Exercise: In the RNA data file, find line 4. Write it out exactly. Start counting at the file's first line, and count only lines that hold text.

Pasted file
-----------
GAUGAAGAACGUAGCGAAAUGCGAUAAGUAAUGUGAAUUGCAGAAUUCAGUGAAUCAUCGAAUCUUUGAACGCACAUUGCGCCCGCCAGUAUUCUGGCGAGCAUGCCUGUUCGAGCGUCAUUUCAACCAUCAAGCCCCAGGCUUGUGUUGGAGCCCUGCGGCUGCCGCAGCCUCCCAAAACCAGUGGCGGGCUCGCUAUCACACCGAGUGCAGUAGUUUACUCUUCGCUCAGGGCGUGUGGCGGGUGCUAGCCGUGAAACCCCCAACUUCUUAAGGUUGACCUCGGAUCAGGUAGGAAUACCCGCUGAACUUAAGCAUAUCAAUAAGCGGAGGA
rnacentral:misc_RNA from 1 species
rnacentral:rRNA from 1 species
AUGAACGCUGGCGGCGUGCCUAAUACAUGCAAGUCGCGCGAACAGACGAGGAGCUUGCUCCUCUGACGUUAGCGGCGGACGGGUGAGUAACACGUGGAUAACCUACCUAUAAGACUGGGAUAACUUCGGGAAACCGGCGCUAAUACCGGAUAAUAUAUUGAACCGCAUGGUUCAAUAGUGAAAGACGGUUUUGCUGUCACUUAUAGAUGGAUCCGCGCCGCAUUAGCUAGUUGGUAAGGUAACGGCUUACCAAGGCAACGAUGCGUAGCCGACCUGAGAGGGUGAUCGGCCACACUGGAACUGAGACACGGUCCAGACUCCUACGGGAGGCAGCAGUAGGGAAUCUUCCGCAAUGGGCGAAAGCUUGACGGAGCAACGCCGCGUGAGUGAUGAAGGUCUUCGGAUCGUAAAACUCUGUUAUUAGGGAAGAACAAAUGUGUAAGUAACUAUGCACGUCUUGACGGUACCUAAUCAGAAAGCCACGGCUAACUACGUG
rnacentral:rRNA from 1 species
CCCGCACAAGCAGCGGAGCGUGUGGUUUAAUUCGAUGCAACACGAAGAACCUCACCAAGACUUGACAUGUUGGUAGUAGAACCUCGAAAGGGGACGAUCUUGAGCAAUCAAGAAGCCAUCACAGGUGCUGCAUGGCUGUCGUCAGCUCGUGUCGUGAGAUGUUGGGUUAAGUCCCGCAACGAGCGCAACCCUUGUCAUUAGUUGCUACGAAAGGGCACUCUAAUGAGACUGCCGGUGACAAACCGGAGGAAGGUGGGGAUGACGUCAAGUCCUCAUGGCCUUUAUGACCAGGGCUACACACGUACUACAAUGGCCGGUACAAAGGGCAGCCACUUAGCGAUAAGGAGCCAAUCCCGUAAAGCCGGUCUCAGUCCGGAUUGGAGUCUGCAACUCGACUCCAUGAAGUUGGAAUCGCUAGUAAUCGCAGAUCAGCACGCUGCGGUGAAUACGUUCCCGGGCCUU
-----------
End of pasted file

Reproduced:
AUGAACGCUGGCGGCGUGCCUAAUACAUGCAAGUCGCGCGAACAGACGAGGAGCUUGCUCCUCUGACGUUAGCGGCGGACGGGUGAGUAACACGUGGAUAACCUACCUAUAAGACUGGGAUAACUUCGGGAAACCGGCGCUAAUACCGGAUAAUAUAUUGAACCGCAUGGUUCAAUAGUGAAAGACGGUUUUGCUGUCACUUAUAGAUGGAUCCGCGCCGCAUUAGCUAGUUGGUAAGGUAACGGCUUACCAAGGCAACGAUGCGUAGCCGACCUGAGAGGGUGAUCGGCCACACUGGAACUGAGACACGGUCCAGACUCCUACGGGAGGCAGCAGUAGGGAAUCUUCCGCAAUGGGCGAAAGCUUGACGGAGCAACGCCGCGUGAGUGAUGAAGGUCUUCGGAUCGUAAAACUCUGUUAUUAGGGAAGAACAAAUGUGUAAGUAACUAUGCACGUCUUGACGGUACCUAAUCAGAAAGCCACGGCUAACUACGUG